Spillover weakness contributes to corn, soybean and wheat losses Tuesday
Outside influences infiltrated grain markets Tuesday, as crude oil futures felt the pinch of weakening global demand and high supplies, falling to the lowest prices in about a year. That weakness kicked off a broad selloff in other commodities, including grain markets, which moved lower amid some technical maneuvering. Some wheat contracts fell more than 2.5% today, with corn and soybeans eyeing more moderate losses.
Crude oil’s latest plunge – tumbling more than 7% to just below $56 per barrel Tuesday afternoon – also spilled over into stock markets Tuesday. The Dow dipped 69 points in afternoon trading to 25,317. Natural gas surged, in contrast, reaching the highest levels since 2014. The U.S. Dollar retreated slightly, with safe haven gold down fractionally.
The latest cooling trend continues this week, with sharply below-average temperatures expected across much of the central U.S. for the rest of the week. Some additional rain and snow is expected in the eastern Corn Belt over the next 72 hours, with some light snow also possible in the Northern Plains through Saturday.
Corn prices turned bearish on technical selling spurred by falling crude oil prices Tuesday, dropping nearly 1.5% in the session. December futures fell 4.75 cents to $3.6650, with March futures down 4.5 cents to $3.7775.
Corn basis bids were mixed but mostly steady to firm Monday, trending as much as 15 cents higher at one Ohio river terminal. Other basis bids firmed more moderately, moving between 1 and 5 cents higher across several Midwestern locations.
Corn export inspections reached 44.8 million bushels, down slightly from the prior week’s tally of 50.6 million bushels and landing on the high end of trade estimates, which ranged between 31.5 million and 51.2 million bushels. Japan was last week’s No. 1 destination for U.S. corn inspections, accounting for 10.8 million bushels.
Ahead of this afternoon’s USDA crop progress report, analysts expect the agency to report that the 2018 U.S. corn harvest is now 87% complete, up from 76% a week ago.
France’s farm ministry slightly raised its estimates for the country’s 2018 corn production to 482.3 million bushels, up 0.4% from October.
Indonesia purchased 3.9 million bushels of corn, likely sourced from South America, for arrival by the end of December.
Preliminary volume estimates were for 255,982 contracts, down moderately from Monday’s final count of 339,508.
Soybean prices couldn’t hold onto optimism Tuesday morning over easing U.S.-China trade tensions as they crumbled later in the session on some technical selling and spillover weakness from other commodities. Prices ended moderately lower, with November futures dropping 4.5 cents to $8.6725 and January futures falling 5 cents to $8.7825. Soymeal and soyoil futures also saw moderate losses today.
Amid relatively slow farmer sales, soybean basis bids moved 5 cents higher at multiple Midwestern processors and between 1 and 5 cents higher at multiple Midwestern river terminals Monday, remaining steady across other central U.S. locations.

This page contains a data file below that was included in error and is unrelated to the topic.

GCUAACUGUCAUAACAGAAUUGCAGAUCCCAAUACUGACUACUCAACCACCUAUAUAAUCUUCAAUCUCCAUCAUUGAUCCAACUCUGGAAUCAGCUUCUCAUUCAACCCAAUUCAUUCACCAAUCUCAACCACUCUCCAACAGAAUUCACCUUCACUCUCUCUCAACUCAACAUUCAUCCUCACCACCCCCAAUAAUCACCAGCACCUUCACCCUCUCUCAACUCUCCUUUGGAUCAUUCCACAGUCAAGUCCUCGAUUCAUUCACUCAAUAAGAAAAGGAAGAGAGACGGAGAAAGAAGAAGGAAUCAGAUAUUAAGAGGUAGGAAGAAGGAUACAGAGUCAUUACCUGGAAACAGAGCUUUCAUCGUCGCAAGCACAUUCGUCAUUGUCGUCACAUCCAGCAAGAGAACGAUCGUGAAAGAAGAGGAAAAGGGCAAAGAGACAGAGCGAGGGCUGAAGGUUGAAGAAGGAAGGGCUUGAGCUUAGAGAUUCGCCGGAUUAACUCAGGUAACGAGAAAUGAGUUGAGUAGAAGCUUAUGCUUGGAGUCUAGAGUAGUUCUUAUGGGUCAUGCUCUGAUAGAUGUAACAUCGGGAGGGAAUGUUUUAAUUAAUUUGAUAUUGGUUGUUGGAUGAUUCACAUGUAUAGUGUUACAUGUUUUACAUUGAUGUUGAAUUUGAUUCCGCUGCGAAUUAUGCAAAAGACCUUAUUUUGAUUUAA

Private exporters reported to USDA the sale of 10.2 million bushels of soybeans for delivery to unknown destinations for the 2018/19 marketing year, which began September 1.
Soybean export inspections totaled 47.8 million bushels last week, up 6.3% from the prior week and touching the high end of trade estimates. Spain was the top destination for U.S. soybean export inspections last week, with 10.0 million bushels. So far for the 2018/19 marketing year, soybean export inspections have totaled 364.1 million bushels, lagging almost 42% year-over-year.
Ahead of this afternoon’s USDA crop progress report, analysts expect the agency to report 91% of soybeans have been harvested, up from 83% a week ago.
Dry weather in Germany this fall has taken its toll on the country’s winter canola crop, with planted acres reported 18.1% lower year-over-year.
Preliminary volume estimates were for 101,069 contracts, rebounding slightly from Monday’s final count of 89,908.
Wheat prices degraded steadily throughout Tuesday’s session as they followed crude oil futures lower today. Another round of tepid USDA export data added additional downward pressure. December Chicago SRW prices took the biggest hit, with December futures dropping 12 cents to $5.0775, with December Kansas City HRW futures down 8.75 cents to $4.8475 and December MGEX spring wheat futures down 4.25 cents to $5.7725.
Wheat export inspections reached 12.6 million bushels last week, up slightly from the prior week but on the low end of trade estimates, which ranged between 11.0 million and 18.4 million bushels. The Philippines was the top destination for U.S. wheat inspections last week, accounting for 3.5 million bushels.
Ahead of this afternoon’s USDA crop progress report, analysts expect the agency to report that the 2018/19 U.S. winter wheat crop is now 90% planted, up from 84% a week ago. Analysts also expect USDA to report 51% of the crop is in good-to-excellent condition, unchanged from the prior week.
Japan issued a regular tender to purchase 4.4 million bushels of food-quality wheat from the U.S., Canada and Australia, which closes Thursday.
China sold 170,000 bushels of its state reserves of 2013 imported wheat at auction Tuesday, which was just 0.6% of the total available for sale. The country has made a flurry of similar sales in recent weeks.
Preliminary volume estimates were for 211,619 CBOT contracts, down fractionally from Monday’s final count of 213,199.